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I've go this LED

what is the wattage and rated voltage of this LED?

Polarity is marked but no rating is written on its body. It's claimed to be 5 watts.

Has anybody worked with this? What's the voltage rating?

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    \$\begingroup\$ Read the data sheet if it has one. If it hasn't then use an ammeter and a voltmeter and gently raise the voltage on a power supply upwards (bit by bit from 0V) until volts x amps = 5 watts. If it burns before 5 watts is reached then it serves you right for buying LEDs without data sheets from crappy sources. If you have a data sheet then provide a link if you don't understand it. \$\endgroup\$ – Andy aka Nov 8 '15 at 14:36
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    \$\begingroup\$ Before you apply watts of power to it, mount it to a heatsink (5C/W or thereabouts or it WILL burn up quickly. \$\endgroup\$ – Brian Drummond Nov 8 '15 at 14:58
  • \$\begingroup\$ The seller should tell you. Otherwise google "5W led" and hope you find a visually similar one that happens to have the same electrical characteristics. It worked once before... but for 5W leds, there are lot more possibilities. Actually yours looks like a 3s3p one, which could narrow the search down a bit. \$\endgroup\$ – Fizz Nov 8 '15 at 15:04
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    \$\begingroup\$ looking by the arrangement inside the LED, looks like 3 groups of 3 LEDs in series, so I'd guess 5W/3 = ~1.7W, 3.6Vforward*3 = 10.8V, Power = V.i, ~1.7 = 10.8*i, i = ~150mA per group, so ~450mA total at 10.8V (10.8*0.45 = 4.86W) \$\endgroup\$ – Wesley Lee Nov 8 '15 at 15:52
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    \$\begingroup\$ You are asking the wrong question. An LED needs to be driven with a current source, not a voltage one. This will control the voltage to achieve a desired current through the LED. (When you use a resistor with a small LED you are approximating a current source) A starting point for figuring the current would be the wattage divided by the forward voltage measured in operation. You might read some data sheets for other similar parts, look at driving circuits, and experimentally put small currents through it with a current mode power supply or else a series resistor. \$\endgroup\$ – Chris Stratton Nov 8 '15 at 16:36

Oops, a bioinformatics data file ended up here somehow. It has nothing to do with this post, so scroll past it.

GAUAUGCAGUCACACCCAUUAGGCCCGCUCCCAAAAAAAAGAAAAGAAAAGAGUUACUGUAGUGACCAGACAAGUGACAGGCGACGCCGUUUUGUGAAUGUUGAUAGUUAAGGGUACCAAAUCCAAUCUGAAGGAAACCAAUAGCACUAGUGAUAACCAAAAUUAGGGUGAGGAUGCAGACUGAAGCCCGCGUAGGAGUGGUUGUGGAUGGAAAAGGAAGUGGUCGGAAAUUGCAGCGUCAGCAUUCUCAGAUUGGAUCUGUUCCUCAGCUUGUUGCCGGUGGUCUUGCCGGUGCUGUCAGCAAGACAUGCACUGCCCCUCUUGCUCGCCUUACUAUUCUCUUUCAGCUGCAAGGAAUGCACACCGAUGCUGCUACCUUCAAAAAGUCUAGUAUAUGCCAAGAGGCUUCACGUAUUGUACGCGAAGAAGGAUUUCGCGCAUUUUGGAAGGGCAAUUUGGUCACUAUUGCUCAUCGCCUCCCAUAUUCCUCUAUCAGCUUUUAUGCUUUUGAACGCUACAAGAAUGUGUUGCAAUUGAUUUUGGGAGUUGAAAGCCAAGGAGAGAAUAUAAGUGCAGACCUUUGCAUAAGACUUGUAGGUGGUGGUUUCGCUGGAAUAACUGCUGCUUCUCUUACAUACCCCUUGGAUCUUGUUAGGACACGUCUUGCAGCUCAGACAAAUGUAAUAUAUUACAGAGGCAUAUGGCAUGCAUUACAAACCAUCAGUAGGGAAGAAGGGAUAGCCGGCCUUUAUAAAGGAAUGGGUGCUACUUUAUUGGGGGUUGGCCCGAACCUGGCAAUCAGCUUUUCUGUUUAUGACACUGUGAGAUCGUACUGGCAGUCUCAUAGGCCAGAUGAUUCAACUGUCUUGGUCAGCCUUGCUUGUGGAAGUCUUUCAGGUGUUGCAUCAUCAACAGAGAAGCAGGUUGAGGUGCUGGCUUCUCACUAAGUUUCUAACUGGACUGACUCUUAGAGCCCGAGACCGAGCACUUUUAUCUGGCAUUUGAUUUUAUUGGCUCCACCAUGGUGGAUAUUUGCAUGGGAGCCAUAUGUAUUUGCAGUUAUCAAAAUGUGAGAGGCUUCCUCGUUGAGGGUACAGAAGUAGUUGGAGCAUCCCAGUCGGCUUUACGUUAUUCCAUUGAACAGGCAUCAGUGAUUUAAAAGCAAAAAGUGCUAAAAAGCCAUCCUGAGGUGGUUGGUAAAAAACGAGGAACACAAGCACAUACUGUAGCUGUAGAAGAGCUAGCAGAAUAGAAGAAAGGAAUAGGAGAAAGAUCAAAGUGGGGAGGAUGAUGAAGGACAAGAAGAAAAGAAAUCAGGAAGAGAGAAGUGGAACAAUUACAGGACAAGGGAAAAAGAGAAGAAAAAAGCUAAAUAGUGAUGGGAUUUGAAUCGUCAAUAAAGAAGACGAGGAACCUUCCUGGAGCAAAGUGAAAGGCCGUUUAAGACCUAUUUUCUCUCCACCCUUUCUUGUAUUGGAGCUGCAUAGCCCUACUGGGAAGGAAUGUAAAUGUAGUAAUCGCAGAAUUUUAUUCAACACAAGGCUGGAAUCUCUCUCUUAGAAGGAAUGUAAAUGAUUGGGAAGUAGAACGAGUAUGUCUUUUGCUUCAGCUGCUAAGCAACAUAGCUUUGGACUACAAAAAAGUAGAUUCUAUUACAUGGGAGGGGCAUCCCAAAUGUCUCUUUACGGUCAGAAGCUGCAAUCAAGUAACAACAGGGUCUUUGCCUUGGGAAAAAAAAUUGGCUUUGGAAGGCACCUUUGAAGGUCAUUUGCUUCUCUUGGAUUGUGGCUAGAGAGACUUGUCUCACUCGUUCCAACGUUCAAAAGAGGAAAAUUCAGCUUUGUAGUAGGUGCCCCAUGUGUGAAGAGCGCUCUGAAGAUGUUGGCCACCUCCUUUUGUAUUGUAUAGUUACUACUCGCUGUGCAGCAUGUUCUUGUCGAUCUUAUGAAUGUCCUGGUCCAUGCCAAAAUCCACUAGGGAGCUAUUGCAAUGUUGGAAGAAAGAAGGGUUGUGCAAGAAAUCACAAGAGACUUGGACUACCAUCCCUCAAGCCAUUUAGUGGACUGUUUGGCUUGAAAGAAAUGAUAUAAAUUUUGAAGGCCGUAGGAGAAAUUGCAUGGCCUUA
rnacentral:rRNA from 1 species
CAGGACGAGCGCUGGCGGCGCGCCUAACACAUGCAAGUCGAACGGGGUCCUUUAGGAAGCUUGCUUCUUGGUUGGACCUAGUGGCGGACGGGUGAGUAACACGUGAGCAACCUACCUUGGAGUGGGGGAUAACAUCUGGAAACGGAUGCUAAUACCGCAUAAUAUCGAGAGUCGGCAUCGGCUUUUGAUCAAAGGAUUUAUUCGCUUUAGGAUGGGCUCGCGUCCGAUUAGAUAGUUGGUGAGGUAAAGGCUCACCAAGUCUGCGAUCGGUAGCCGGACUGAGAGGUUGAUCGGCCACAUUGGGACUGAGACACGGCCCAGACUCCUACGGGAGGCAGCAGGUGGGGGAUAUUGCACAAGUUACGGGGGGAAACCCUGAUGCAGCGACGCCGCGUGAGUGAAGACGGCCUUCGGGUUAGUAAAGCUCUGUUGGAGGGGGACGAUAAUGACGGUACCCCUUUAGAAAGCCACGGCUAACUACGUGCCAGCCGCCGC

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Instead of asking, measure it. You already know not to exceed 5 W. Hook up the LED to a variable power supply, maybe with a 1 Ω power resistor in series. Measure the voltage and current as you slowly crank up the output of the supply, then you can see directly what the voltage and current is at 5 W.

Note that this is, of course, all in the LED's datasheet. Unless you are getting a really good deal and are willing to live with the consequences of not knowing the specs or that the part might be counterfeit, don't buy something without a datasheet.

Be careful about running this unit at more than a watt or two. It most likely is only specified for 5 W at a certain case temperature that can't be achieved without significant heat sinking. Forcing 5 W through it just sitting on the bench will likely destroy it. Of course, without a datasheet, you don't know how "embellished" the 5 W figure from the seller is. Nobody would buy surplus 3 W LEDs and resell them without the datasheet as 5 W LEDs. Nah, that never happens, no need to worry about it.

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The housing points to High Power LED, as statted on the question. The internal arrangement shows, more likely, three strings in parallel. From my experience, those chips are normally rated at 350m. Therefore, 3x350mA = 1.05A. The voltage will depend on the resistive part of the LED curve, but it should be no issue when you have a proper driver with constant current characteristics.

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